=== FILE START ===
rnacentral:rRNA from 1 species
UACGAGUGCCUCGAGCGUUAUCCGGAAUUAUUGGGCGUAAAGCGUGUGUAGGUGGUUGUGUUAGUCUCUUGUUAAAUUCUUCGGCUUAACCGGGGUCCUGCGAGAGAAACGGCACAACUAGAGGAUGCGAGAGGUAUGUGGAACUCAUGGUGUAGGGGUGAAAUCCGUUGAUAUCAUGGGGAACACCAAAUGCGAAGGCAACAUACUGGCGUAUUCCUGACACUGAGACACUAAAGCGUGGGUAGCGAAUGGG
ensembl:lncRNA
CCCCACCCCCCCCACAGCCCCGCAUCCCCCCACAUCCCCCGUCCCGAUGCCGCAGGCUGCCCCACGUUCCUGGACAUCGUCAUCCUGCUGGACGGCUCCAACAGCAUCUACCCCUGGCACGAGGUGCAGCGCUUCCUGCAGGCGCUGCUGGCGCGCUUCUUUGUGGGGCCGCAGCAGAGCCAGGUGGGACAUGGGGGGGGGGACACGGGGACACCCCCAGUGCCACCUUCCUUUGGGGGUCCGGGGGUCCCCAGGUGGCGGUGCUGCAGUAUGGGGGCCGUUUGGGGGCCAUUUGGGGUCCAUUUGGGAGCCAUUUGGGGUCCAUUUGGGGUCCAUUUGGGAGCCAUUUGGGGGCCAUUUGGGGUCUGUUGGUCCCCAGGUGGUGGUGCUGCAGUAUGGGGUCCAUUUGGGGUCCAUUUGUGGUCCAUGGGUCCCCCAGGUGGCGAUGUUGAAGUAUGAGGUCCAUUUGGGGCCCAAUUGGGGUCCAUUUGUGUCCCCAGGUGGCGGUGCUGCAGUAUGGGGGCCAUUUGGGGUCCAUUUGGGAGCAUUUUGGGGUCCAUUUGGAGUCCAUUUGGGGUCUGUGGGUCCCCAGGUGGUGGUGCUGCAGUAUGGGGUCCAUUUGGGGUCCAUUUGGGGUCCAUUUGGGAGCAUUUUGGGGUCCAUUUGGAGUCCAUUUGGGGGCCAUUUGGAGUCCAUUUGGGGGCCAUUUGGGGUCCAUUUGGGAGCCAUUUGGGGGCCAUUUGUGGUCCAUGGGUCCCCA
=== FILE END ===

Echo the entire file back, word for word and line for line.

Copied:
rnacentral:rRNA from 1 species
UACGAGUGCCUCGAGCGUUAUCCGGAAUUAUUGGGCGUAAAGCGUGUGUAGGUGGUUGUGUUAGUCUCUUGUUAAAUUCUUCGGCUUAACCGGGGUCCUGCGAGAGAAACGGCACAACUAGAGGAUGCGAGAGGUAUGUGGAACUCAUGGUGUAGGGGUGAAAUCCGUUGAUAUCAUGGGGAACACCAAAUGCGAAGGCAACAUACUGGCGUAUUCCUGACACUGAGACACUAAAGCGUGGGUAGCGAAUGGG
ensembl:lncRNA
CCCCACCCCCCCCACAGCCCCGCAUCCCCCCACAUCCCCCGUCCCGAUGCCGCAGGCUGCCCCACGUUCCUGGACAUCGUCAUCCUGCUGGACGGCUCCAACAGCAUCUACCCCUGGCACGAGGUGCAGCGCUUCCUGCAGGCGCUGCUGGCGCGCUUCUUUGUGGGGCCGCAGCAGAGCCAGGUGGGACAUGGGGGGGGGGACACGGGGACACCCCCAGUGCCACCUUCCUUUGGGGGUCCGGGGGUCCCCAGGUGGCGGUGCUGCAGUAUGGGGGCCGUUUGGGGGCCAUUUGGGGUCCAUUUGGGAGCCAUUUGGGGUCCAUUUGGGGUCCAUUUGGGAGCCAUUUGGGGGCCAUUUGGGGUCUGUUGGUCCCCAGGUGGUGGUGCUGCAGUAUGGGGUCCAUUUGGGGUCCAUUUGUGGUCCAUGGGUCCCCCAGGUGGCGAUGUUGAAGUAUGAGGUCCAUUUGGGGCCCAAUUGGGGUCCAUUUGUGUCCCCAGGUGGCGGUGCUGCAGUAUGGGGGCCAUUUGGGGUCCAUUUGGGAGCAUUUUGGGGUCCAUUUGGAGUCCAUUUGGGGUCUGUGGGUCCCCAGGUGGUGGUGCUGCAGUAUGGGGUCCAUUUGGGGUCCAUUUGGGGUCCAUUUGGGAGCAUUUUGGGGUCCAUUUGGAGUCCAUUUGGGGGCCAUUUGGAGUCCAUUUGGGGGCCAUUUGGGGUCCAUUUGGGAGCCAUUUGGGGGCCAUUUGUGGUCCAUGGGUCCCCA